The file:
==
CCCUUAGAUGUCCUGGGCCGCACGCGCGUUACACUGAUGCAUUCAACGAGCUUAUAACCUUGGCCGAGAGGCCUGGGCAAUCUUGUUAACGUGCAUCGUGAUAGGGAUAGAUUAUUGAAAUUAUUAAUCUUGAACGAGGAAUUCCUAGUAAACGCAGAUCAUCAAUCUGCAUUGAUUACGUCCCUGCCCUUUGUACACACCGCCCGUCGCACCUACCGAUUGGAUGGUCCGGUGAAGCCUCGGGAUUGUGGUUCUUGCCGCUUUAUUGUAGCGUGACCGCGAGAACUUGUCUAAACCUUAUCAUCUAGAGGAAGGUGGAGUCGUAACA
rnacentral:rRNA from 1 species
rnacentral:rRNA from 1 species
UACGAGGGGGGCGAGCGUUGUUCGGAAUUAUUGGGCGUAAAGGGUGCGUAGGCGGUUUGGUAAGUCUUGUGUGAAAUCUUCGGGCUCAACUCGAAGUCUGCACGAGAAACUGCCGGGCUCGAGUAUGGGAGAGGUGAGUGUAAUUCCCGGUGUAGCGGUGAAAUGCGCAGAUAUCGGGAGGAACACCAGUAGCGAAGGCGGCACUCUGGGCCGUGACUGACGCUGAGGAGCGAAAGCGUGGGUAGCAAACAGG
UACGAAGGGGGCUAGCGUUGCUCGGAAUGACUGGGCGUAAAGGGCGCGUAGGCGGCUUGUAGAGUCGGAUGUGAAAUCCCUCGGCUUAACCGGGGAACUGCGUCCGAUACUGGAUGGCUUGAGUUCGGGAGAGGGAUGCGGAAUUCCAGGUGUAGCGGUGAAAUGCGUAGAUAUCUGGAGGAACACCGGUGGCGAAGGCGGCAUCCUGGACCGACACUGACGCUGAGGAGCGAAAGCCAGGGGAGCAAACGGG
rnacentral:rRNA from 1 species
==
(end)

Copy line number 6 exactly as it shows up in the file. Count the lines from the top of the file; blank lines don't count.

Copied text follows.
rnacentral:rRNA from 1 species